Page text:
Pronouncing Challenging Words/Phrases/Sentences – One more pronunciation idea, this time using feedforward. I’ve recently had a lot of success with a new technique. We take a tricky word or phrase or sentence—for my Chinese-speakers, the word vowel is a source of particular articulatory distress—we pronounce it one phoneme at a time, over and over, gradually ramping up the speed and fluidity. But as we go faster and faster, I continue to model the articulation, silently. So as a student is saying the word, I am mouthing it along with them. They can—and do—use my model as a point of reference at the tricky points, and it’s become incredibly useful in class. Set up the camera so that it records only the student’s face, and again, they have a model of themselves correctly articulating the target language to use for practice at home.

Complex Grammatical Forms – We’ve all seen students who know the rules for producing a particular form and can get it right maybe half of the time, but it remains a struggle, and errors persist. I see this a lot with conditionals, present perfect progressive, and perfect or progressive passives, to name just a few. These students need modeling and practice, and positive self-review might be an effective option for this: prompt students to produce the form several times, and only retain video of the native-like performances.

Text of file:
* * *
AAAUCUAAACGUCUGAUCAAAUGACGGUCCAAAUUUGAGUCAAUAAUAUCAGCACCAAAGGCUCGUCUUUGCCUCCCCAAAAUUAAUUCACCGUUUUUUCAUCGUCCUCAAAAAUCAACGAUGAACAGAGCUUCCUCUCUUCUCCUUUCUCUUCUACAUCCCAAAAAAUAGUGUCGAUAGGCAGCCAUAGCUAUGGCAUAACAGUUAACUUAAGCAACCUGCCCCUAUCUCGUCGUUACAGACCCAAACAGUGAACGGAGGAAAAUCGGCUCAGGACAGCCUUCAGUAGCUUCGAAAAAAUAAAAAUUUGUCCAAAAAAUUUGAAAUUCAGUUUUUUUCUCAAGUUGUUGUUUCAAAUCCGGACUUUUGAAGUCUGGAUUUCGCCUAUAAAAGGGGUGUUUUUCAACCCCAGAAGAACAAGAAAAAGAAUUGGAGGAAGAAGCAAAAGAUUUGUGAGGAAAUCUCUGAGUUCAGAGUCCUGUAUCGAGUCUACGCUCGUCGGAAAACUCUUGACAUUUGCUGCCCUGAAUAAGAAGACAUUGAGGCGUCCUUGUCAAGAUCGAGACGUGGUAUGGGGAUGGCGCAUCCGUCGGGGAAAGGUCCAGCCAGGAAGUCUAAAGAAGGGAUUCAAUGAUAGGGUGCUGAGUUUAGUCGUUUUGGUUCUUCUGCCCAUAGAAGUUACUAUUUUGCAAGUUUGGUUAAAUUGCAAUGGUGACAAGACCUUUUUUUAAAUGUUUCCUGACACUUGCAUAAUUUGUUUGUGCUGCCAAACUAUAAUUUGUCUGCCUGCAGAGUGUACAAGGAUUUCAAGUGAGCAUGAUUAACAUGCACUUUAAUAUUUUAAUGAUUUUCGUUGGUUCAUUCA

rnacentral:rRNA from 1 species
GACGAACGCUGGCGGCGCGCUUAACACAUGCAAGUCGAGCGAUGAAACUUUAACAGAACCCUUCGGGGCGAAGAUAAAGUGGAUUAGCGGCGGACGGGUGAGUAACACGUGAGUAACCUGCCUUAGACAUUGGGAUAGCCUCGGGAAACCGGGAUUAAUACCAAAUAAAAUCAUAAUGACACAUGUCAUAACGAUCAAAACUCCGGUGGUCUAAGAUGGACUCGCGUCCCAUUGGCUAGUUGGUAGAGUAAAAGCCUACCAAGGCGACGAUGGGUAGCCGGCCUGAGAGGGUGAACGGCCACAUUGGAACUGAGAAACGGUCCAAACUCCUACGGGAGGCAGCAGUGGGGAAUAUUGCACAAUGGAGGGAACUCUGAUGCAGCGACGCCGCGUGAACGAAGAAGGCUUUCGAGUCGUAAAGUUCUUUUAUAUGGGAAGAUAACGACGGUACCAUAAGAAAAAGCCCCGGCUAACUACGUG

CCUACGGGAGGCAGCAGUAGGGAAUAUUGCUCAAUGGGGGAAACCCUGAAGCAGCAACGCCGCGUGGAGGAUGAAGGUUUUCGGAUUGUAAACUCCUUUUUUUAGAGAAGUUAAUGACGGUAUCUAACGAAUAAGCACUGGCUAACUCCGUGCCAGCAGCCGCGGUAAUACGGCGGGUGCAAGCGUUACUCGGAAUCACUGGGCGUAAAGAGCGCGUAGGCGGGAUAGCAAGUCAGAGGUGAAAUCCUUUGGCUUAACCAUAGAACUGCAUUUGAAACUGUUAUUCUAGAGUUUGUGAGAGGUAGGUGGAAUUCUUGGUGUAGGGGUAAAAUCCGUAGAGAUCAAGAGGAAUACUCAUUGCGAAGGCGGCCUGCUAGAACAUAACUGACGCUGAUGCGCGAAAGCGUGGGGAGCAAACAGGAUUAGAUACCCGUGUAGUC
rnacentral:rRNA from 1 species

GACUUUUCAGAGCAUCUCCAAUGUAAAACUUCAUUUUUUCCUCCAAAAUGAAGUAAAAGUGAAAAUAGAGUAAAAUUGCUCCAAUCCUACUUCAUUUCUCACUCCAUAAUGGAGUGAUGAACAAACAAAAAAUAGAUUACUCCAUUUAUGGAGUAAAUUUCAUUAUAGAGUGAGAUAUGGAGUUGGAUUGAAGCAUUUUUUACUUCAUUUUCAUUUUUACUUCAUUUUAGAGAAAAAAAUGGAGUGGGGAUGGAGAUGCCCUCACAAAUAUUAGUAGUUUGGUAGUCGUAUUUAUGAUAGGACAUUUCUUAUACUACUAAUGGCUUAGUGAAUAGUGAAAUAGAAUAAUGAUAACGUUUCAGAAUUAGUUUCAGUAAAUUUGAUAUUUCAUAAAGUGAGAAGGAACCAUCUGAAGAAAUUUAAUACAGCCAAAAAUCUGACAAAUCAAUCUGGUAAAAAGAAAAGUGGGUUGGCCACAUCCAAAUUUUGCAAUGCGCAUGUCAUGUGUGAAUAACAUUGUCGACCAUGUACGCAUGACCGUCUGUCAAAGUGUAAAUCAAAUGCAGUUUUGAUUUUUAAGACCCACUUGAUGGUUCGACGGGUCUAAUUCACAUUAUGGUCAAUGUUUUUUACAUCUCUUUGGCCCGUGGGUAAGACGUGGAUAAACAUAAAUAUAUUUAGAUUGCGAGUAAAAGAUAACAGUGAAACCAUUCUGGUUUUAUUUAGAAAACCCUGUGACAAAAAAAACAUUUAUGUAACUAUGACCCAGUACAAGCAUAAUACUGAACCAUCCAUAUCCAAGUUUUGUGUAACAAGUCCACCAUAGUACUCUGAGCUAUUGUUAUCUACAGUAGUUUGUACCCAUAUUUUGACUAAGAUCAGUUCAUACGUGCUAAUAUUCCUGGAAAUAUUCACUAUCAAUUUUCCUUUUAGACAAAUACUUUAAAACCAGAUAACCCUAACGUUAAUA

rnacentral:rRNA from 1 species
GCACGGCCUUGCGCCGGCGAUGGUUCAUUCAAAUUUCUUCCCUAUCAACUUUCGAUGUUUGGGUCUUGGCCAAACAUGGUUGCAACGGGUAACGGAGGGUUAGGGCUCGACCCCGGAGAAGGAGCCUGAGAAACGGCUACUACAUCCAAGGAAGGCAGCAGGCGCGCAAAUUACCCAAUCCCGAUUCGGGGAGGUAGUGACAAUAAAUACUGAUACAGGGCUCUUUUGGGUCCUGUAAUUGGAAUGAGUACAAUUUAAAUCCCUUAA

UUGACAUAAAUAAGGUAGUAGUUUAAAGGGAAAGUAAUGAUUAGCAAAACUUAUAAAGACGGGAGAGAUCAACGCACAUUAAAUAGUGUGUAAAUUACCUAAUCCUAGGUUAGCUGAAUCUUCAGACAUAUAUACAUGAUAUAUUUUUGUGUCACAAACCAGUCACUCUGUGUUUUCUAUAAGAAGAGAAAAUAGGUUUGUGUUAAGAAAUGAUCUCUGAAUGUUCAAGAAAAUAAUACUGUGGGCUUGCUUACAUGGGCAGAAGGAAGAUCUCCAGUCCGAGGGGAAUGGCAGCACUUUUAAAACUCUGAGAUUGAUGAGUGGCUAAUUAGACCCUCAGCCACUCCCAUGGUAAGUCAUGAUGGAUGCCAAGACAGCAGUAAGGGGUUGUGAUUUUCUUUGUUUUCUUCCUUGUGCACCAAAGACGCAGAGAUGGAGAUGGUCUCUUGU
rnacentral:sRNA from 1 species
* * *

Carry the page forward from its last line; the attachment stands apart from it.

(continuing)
Specific Competencies – Rather than focus on language forms, you could also focus on language competencies, for instance, asking for directions, reviewing your child’s report card with your teacher, or going on a job interview. This would work well with the feedforward technique, perhaps using off-camera cue cards.

Echo Reading – Finally, one of the techniques that Boisvert and Rao describe for use with young ELLs would work just as easily with adults. They describe an echo reading activity in which students and teachers together read a text aloud. The teacher reads first, and the student then repeats. In the final video, of course, the teacher’s modeling is edited out, and students are left with a video of themselves reading with great fluency. They found this technique to significantly improve reading speeds and to improve students’ level of confidence as readers.


Boisvert, P., & Rao, K. (2015), Video self-modeling for English language learners. TESOL Journal, 6, 36–58. doi: 10.1002/tesj.135

About Robert Sheppard

Robert Sheppard
Over the past 9 years, Rob has explored a variety of roles and contexts in the field. These include the cram-school culture of Taiwan and Korea; IEPs in Boston focused on academic English; advanced conversation and TOEFL prep taught via Skype to students in Japan; and nonprofit, community English programs for immigrants to Greater Boston. He currently serves as director of adult education at Quincy Asian Resources, a member of the community advisory council at First Literacy, and a curriculum consultant at Boston Global Institute. He has a master’s degree in TESOL from The New School, and his areas of interest include pronunciation and grammar instruction, curriculum development, and assessment.